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Mythographer of Paradoxes: How Friedrich Kittler’s Legacy Matters
Journal Article
Critical Inquiry journal cover image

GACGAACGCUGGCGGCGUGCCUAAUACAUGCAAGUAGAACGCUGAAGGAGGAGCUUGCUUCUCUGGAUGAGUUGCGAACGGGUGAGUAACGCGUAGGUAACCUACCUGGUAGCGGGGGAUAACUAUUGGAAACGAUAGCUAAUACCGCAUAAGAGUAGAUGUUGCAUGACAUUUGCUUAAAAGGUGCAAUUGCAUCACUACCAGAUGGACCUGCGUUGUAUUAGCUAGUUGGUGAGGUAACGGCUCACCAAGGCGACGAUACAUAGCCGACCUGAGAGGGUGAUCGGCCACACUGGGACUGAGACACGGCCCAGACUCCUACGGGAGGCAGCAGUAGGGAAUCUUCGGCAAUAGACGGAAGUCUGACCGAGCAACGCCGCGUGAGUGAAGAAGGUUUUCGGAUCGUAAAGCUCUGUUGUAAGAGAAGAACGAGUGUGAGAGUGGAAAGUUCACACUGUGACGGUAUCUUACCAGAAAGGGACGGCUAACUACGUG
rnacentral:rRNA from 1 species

Friedrich Kittler’s farewell words of 15 July 2011, delivered at the original building of the Institute for Cultural History and Theory at the Humboldt University of Berlin, where he had taught during the final eighteen years of his academic career, are of course not among his most intellectually important texts. Rather, this address belongs to those documents whose specific status and relevance depends on a temporal relation to their author’s life dates. Kittler’s death on 11 October 2011 made the improvised Sophienstraße address his last public statement and thus gave it the aura of a legacy. What he said to his students and a few colleagues on that occasion is a random snapshot that, due to the posthumously dramatic perspective from which it conjures up his personality for us, has become a monument. As such, as a monument and as a legacy, I want to comment on those few sentences pronounced shortly before the end of his life by one of my dearest and most admired friends from my own German generation of scholars and intellectuals.

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